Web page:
b. 12 July 1809 at Llwyn Drain in the parish of Ystrad Owen, Glam. About 1821 his parents removed to Aberdare, and for a time he followed his father's trade as a sawyer. But he soon left that for coal-mining, and with marked ability, grit, perseverance, and a large measure of luck he soon attained a prominent position in the coal-mining world of South Wales. His first attempt at becoming a coal-owner was in partnership with Lewis Lewis (of Cefn Coed) at Ynyscynon, Cwm-bach, where they began sinking a pit in 1847, and entered into a lease of a coal-mine, dated 31 December 1844, for 48 years (N.L.W. Ewenny MS. 374). After Lewis gave up, David Williams carried on alone. After being successful here, he soon opened another colliery at Aberaman, obtaining a lease from Crawshay Bailey who gave him much assistance. This colliery at Aberaman was generally known as Williams's Pit. Then he sank the Deep Duffryn colliery at Mountain Ash, and, after winning the coal, he sold the colliery to John Nixon for £42,000. With this money he again sank another colliery at Cwmdare in 1853, and, after a further success, he again sold out. In this way he attained great wealth, buying up lands at Llanwynno (see Glanffrwd, Llanwynno, 1949), Trealaw (in the Rhondda Valley), which is named after him, and Miskin Manor.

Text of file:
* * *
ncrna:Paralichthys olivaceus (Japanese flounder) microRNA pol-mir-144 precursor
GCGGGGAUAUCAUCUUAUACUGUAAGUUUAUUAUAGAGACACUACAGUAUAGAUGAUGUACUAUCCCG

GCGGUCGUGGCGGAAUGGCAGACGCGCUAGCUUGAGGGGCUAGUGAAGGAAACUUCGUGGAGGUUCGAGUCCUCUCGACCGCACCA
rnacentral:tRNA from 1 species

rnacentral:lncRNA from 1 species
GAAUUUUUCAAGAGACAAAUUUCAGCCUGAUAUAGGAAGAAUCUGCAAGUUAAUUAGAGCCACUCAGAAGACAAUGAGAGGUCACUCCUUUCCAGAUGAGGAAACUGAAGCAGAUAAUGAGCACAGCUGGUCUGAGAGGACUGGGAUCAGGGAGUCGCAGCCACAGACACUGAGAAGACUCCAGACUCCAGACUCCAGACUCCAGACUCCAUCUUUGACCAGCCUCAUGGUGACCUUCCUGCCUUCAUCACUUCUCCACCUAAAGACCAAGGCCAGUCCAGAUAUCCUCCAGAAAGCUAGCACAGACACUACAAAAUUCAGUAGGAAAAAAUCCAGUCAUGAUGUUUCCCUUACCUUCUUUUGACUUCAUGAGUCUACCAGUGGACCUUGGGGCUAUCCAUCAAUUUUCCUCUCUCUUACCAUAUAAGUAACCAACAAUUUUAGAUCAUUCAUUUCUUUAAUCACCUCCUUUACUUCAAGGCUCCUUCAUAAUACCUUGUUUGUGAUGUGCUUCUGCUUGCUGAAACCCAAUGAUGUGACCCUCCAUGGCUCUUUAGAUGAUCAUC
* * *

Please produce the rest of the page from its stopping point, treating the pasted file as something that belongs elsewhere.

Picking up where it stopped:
Although he became a man of wealth, he remained in close touch with the working classes, presiding and conducting and sometimes adjudicating at their eisteddfodau. Fond of composing Welsh poetry himself, he became a popular figure in the literary world of Wales, universally esteemed by all classes. He spent considerable sums of money in helping on the movement to establish the national eisteddfod alternately in North and South Wales, attending meetings at his own expense in both districts (D. M. Richards, Rhestr Eisteddfodau, xxv-xxvii).
He was married in S. John's parish church, Aberdare, 3 August 1837, to Ann Morgan, a sister of William Morgan (1819 - 1878) and their early home at Ynyscynon, Aberdare, was the resort of poets and literary writers. Here their son, judge Gwilym Williams, was born.
Alaw Goch d. at Bridgend, 28 February 1863, and was buried in the Aberdare cemetery.
Published date: 1959
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